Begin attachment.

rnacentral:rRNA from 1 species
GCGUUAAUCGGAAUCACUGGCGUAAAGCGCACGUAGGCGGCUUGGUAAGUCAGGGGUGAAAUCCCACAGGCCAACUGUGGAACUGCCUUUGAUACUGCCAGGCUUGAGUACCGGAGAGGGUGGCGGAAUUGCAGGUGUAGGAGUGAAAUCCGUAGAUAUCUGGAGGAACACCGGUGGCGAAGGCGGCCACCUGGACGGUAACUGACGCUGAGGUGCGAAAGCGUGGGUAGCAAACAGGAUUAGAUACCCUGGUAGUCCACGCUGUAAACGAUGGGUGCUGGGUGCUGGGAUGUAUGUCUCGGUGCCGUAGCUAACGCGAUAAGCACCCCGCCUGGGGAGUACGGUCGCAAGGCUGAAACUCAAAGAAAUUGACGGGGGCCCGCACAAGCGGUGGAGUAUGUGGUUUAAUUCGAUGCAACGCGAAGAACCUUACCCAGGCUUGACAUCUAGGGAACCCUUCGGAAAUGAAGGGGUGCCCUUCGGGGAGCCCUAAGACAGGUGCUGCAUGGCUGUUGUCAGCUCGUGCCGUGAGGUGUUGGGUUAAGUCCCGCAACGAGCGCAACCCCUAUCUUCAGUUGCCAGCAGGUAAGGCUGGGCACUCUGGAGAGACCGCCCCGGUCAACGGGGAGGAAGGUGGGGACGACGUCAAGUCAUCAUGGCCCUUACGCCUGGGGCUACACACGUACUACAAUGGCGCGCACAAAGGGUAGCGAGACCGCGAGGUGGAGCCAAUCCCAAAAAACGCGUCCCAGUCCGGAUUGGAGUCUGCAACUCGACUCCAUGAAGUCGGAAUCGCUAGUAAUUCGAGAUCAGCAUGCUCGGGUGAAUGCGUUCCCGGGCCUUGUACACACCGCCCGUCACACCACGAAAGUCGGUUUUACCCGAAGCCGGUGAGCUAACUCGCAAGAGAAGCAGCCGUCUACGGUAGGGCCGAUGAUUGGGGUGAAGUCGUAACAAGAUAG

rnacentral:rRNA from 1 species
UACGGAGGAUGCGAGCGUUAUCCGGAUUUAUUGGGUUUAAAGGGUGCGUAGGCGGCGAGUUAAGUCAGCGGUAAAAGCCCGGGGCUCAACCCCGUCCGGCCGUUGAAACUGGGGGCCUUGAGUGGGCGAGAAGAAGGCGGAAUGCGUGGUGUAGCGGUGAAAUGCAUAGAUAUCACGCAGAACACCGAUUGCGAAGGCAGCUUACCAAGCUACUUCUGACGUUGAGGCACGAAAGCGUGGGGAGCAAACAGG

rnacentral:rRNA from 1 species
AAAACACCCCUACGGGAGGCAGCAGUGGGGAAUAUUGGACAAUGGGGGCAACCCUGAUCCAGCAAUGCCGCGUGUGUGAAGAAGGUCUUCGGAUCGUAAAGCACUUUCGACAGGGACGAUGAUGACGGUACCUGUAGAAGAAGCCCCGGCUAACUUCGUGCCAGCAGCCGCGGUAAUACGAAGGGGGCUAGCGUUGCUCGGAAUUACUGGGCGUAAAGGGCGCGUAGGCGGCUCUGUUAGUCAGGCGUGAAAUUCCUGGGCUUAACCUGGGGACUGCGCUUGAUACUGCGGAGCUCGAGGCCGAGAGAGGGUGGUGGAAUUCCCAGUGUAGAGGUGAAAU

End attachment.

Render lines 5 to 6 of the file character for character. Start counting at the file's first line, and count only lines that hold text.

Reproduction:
rnacentral:rRNA from 1 species
AAAACACCCCUACGGGAGGCAGCAGUGGGGAAUAUUGGACAAUGGGGGCAACCCUGAUCCAGCAAUGCCGCGUGUGUGAAGAAGGUCUUCGGAUCGUAAAGCACUUUCGACAGGGACGAUGAUGACGGUACCUGUAGAAGAAGCCCCGGCUAACUUCGUGCCAGCAGCCGCGGUAAUACGAAGGGGGCUAGCGUUGCUCGGAAUUACUGGGCGUAAAGGGCGCGUAGGCGGCUCUGUUAGUCAGGCGUGAAAUUCCUGGGCUUAACCUGGGGACUGCGCUUGAUACUGCGGAGCUCGAGGCCGAGAGAGGGUGGUGGAAUUCCCAGUGUAGAGGUGAAAU